Reviewed by Jeffrey B. Remz
hances are strong that Dobro master extraordinaire Rob Ickes has used the line a time or two when he explained his instrument of choice as "a guitar played incorrectly." The line got the requisite laughter from the small crowd of about 25 in the intimate club.
His sidekick, Trey Hensley, didn't offer any such comment. But the acoustic guitarist and singer for their duo, could have easily made some crack about his instrument being "a guitar played incorrectly" as well.
Make no mistake about it - both of these musicians know a thing or two about playing their instruments. Ickes been known for his Dobro playing for many years as evidenced by his 15 (!) Dobro Player of the Year awards from the International Bluegrass Music Association. While Hensley's playing may not have risen to the pantheon of Ickes, he was no slouch either with lots of lighting fast, sharp guitar runs that he showed he was not going to be overwhelmed by his band mate.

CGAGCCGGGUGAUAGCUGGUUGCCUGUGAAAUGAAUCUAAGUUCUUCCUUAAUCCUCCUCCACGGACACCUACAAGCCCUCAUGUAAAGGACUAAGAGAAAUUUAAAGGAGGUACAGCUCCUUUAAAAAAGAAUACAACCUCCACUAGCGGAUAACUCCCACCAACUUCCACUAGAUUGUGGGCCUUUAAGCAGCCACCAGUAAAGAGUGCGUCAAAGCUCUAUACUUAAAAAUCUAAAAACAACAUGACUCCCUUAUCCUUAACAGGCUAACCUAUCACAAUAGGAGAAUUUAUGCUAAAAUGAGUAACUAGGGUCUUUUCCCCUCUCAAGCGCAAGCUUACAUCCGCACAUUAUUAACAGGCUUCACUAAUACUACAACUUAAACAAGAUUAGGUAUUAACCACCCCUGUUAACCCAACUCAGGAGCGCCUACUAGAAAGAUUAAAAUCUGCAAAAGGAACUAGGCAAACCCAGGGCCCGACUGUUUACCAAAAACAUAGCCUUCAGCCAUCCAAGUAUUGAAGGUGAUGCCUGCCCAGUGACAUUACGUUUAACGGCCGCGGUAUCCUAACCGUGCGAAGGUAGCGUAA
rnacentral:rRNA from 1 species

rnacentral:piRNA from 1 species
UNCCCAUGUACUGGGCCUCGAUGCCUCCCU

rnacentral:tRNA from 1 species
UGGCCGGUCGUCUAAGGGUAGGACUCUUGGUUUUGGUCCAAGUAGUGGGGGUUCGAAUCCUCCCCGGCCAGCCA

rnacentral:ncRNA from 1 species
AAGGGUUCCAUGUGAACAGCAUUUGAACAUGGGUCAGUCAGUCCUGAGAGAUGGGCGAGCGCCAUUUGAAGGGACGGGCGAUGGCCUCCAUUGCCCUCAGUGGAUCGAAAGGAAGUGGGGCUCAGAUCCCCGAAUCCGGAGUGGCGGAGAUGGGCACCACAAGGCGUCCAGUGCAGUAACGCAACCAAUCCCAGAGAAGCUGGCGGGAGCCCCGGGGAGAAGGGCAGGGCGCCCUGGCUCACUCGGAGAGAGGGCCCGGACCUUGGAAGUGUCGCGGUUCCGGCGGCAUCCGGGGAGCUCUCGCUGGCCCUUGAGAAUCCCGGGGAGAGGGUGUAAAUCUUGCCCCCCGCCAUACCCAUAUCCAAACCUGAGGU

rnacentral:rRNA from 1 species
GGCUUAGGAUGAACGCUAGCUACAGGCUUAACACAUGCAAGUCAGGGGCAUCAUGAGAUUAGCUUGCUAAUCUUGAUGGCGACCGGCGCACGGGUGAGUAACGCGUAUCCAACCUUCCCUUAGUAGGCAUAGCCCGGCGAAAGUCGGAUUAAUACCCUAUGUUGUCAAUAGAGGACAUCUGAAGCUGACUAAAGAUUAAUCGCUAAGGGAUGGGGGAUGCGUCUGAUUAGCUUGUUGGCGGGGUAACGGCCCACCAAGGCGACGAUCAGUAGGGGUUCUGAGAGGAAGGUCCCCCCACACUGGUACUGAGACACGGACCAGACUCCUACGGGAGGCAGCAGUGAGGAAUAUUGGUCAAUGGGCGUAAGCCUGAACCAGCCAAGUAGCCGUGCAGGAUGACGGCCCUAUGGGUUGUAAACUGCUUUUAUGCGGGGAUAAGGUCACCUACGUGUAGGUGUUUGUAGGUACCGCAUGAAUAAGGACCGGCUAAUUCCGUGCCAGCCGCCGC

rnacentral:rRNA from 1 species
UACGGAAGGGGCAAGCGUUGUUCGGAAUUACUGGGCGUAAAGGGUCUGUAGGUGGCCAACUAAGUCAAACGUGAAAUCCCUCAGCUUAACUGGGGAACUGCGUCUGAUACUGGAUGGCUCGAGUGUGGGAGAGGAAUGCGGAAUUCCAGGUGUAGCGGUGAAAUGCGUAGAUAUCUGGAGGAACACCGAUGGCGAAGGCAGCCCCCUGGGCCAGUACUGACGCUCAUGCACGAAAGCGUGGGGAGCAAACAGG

And with a voice that maybe recalled the bluesy country of Chris Stapleton, what was most important on Ickes and Hensley's first foray into Beantown and just a few days after the release of their second disc, "The Country Blues," (Compass), was the high level playing, singing, songwriting and song choice.
While Ickes is best known as a bluegrasser (Blue Highway was his longstanding band, and it was while Hensley did a scratch vocal for a Blue Highway disc that Hensley and Ickes connected), the duo was far more country than bluegrass. Yes, Ickes would have a number of Dobro runs that made you think bluegrass, but he also was equally up to snuff at times making the Dobro sound like a lead guitar. His playing simply was lyrical and thoughtful.
Adept at their own instruments, they also spurred each other on, at times facing off amidst a number of instrumental breaks during the two-set show.
Hensley and Ickes also tackled a number of well-known songs, putting their own stamp on the material, ranging from the Dead's "Friend of the Devil" to Merle Haggard's "Silver Wings" to Steve Ray Vaughan's "Pride & Joy" to Sonny Boy Williamson's (and made famous by the Allmans) "One Way Out." The diverse set of covers showed the ability of Ickes and Hensley to expand their natural musical inclinations.
There was nothing incorrect going on this evening when it came to singing or playing because Ickes and Hensley have a good thing going.